One troubling pattern we have noticed is how there is a subset of leaders who may be more likely to engage in the above-discussed patterns that exacerbate loneliness – men.

For instance, it is widely believed that men’s social relationships tend to be more instrumental, and men are less able and less interested than women in building emotional and supportive relationships with others. It is also frequently discussed how men may be less willing to express emotions and vulnerabilities, instead preferring to maintain a stoic demeanour. These lines from Charles Bukowski’s “Bluebird” capture the ethos that men often adhere to:

“There’s a bluebird in my heart,

that wants to get out,

but I’m too tough for him,

I say,

‘stay in there,

I’m not going to let anybody see you’…”


Research also indicates that men put in more hours at work than women (Forbes, 2016). All these combined may just exacerbate leadership loneliness for male leaders.

The knee-jerk response to this discussion is to speak about the importance of men acting differently. However, some research indicates that simply “acting differently” may come with its own set of negative consequences. For instance:

  • when male (but not female) leaders ask for help, they are viewed as less competent, capable, and confident (Rosette, Mueller & Lebel, 2015)
  • men who are more agreeable (e.g. warm, caring, supportive, sympathetic) make significantly less money than more stereotypically masculine men [Judge, Livingston & Hurst, 2012)
  • male (but not female) managers who displayed empathy (as reported by their employees) were rated by bosses as being more in danger of career derailment (Mayer, 2018)


In other words, simply prescribing alternative behaviours to male leaders might not be enough, as they will likely be penalised for straying from masculine norms.

Of course, the dynamics we’ve described might not be the only ones at play. For instance, a recently published paper showed how occupying a leadership role may be associated with greater loneliness for women than men (Ong, 2021). Moreover, even ideas like men being more predisposed to workaholism and that patterns of social connectedness among men are less emotional and supportive may be more of a “truism” than an accurate description of the status quo (Dudek & Szpitalak, 2018; McKenzie et al, 2018).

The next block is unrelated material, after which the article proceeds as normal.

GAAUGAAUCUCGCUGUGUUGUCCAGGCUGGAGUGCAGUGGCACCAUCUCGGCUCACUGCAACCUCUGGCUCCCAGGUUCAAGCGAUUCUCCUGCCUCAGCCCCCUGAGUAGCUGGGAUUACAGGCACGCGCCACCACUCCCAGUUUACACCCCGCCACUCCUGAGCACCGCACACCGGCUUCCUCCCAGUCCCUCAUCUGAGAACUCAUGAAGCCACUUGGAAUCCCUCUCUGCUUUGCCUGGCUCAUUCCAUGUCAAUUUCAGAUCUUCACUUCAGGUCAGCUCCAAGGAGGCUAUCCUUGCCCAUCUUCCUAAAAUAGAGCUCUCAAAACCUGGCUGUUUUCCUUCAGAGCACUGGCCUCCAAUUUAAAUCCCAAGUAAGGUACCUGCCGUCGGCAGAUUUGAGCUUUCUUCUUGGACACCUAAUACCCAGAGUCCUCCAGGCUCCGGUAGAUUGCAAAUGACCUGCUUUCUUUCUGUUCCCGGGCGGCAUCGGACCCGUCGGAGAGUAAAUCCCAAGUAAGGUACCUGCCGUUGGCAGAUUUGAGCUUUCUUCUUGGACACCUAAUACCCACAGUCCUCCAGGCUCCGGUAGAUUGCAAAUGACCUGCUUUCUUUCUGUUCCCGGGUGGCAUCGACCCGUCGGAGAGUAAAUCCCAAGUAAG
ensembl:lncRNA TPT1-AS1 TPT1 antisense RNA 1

Regardless, the larger and more important message here is to ask ourselves what we expect from our leaders and to reassess this. We also need to recognise the need for expanding the range of qualities we deem acceptable in men – both at the workplace and outside it. There is a need for changing organisational cultures, perhaps by celebrating men who engage in positive behaviours (e.g., humility, vulnerability) through praise and acknowledgement.

Moreover, it is important for leaders, especially male leaders, to analyse their social networks and give special emphasis further building them, especially outside the context of work where they can be seen as individuals and not merely as their job title.

As Arthur C. Brooks said in his 2020 article ‘Why It’s So Lonely at the Top’:

“…loneliness is not a necessary condition of success; any more than unpaid taxes are a condition of making a lot of money. It is just a cost one must face honestly and manage. And, unlike taxes, loneliness can be defeated.”

Liked this article? Share it with your network:

Here’s your next read: an article on how listening can be a strategy, not just a reflex.


Related Posts